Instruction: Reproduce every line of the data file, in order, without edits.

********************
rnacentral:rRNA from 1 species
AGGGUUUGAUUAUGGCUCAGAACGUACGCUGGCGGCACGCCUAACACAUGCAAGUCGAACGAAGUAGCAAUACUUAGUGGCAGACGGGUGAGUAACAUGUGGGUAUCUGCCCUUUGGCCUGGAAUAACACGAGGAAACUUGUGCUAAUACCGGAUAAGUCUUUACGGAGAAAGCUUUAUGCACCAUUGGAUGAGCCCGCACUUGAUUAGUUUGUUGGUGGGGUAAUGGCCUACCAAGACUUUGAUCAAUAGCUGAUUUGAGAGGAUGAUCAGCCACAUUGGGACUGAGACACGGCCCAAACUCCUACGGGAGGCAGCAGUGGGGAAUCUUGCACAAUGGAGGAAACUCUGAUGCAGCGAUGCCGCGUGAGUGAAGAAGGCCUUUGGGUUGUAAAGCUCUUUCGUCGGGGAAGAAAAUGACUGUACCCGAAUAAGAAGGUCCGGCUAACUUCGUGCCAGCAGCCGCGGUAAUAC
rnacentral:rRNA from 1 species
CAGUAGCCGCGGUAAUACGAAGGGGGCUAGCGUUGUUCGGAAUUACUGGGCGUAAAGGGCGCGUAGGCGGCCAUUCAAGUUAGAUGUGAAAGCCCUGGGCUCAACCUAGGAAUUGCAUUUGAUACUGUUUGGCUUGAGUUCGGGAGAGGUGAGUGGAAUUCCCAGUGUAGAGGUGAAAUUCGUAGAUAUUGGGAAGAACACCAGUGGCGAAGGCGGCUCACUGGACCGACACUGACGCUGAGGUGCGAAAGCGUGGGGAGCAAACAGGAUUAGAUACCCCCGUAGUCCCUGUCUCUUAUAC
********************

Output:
rnacentral:rRNA from 1 species
AGGGUUUGAUUAUGGCUCAGAACGUACGCUGGCGGCACGCCUAACACAUGCAAGUCGAACGAAGUAGCAAUACUUAGUGGCAGACGGGUGAGUAACAUGUGGGUAUCUGCCCUUUGGCCUGGAAUAACACGAGGAAACUUGUGCUAAUACCGGAUAAGUCUUUACGGAGAAAGCUUUAUGCACCAUUGGAUGAGCCCGCACUUGAUUAGUUUGUUGGUGGGGUAAUGGCCUACCAAGACUUUGAUCAAUAGCUGAUUUGAGAGGAUGAUCAGCCACAUUGGGACUGAGACACGGCCCAAACUCCUACGGGAGGCAGCAGUGGGGAAUCUUGCACAAUGGAGGAAACUCUGAUGCAGCGAUGCCGCGUGAGUGAAGAAGGCCUUUGGGUUGUAAAGCUCUUUCGUCGGGGAAGAAAAUGACUGUACCCGAAUAAGAAGGUCCGGCUAACUUCGUGCCAGCAGCCGCGGUAAUAC
rnacentral:rRNA from 1 species
CAGUAGCCGCGGUAAUACGAAGGGGGCUAGCGUUGUUCGGAAUUACUGGGCGUAAAGGGCGCGUAGGCGGCCAUUCAAGUUAGAUGUGAAAGCCCUGGGCUCAACCUAGGAAUUGCAUUUGAUACUGUUUGGCUUGAGUUCGGGAGAGGUGAGUGGAAUUCCCAGUGUAGAGGUGAAAUUCGUAGAUAUUGGGAAGAACACCAGUGGCGAAGGCGGCUCACUGGACCGACACUGACGCUGAGGUGCGAAAGCGUGGGGAGCAAACAGGAUUAGAUACCCCCGUAGUCCCUGUCUCUUAUAC